16 August 2001
Blackleg roguing? Not worth it

By Andrew Swallow

ROGUING seed crops of potatoes is time-consuming, costly and can do more harm than good, according to a Scottish Agricultural Colleges disease specialist.

The advice from Stuart Whale was given at a Scottish Crop Research Institute/SAC Potatoes in Practice event held near Dundee recently.

“Why are we roguing and why do we have tolerances for blackleg in the crop if it bears no relation to seed loading?” He asked.

The current practice is for seed growers to walk through the crop removing plants infected with blackleg. But within weeks infection could re-emerge.

Mr Whale added that walking through a crop when canopies had closed could spread more disease than the roguing removed.

The Department of Rural Affairs fertiliser guide book, RB209, was also questioned at the event, which was sponsored by the British Potato Council.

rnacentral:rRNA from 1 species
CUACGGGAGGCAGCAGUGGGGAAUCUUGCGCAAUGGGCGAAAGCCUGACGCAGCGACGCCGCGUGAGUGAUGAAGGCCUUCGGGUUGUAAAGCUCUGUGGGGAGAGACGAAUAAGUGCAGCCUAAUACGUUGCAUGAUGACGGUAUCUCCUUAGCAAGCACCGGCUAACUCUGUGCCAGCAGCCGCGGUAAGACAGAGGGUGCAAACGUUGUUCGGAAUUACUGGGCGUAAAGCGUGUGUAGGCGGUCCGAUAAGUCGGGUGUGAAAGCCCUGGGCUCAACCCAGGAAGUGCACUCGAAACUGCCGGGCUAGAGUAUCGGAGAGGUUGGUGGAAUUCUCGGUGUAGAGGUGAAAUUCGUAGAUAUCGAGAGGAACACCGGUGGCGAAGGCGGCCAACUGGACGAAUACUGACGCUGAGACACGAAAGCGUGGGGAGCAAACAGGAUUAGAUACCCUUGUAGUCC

The book recommends 130kg/ha of phosphate is applied across all crop types at soil index 3, higher than SACs recommendation for maincrop.

This itself could be too high, according to SAC potato specialist Barry Mitchell, who suggested growers could be applying more than was necessary.

Those growers with soil phosphate indices of 3 or over (high on the SAC scale) could cut down to a 50kg/ha insurance dressing, or even possibly none at all.

“We are not seeing a response in [BPC-funded] trials to phosphate applications,” he said.

“At face value, they suggest that if we withhold the phosphate there would be no detrimental effect on tuber number or yield.”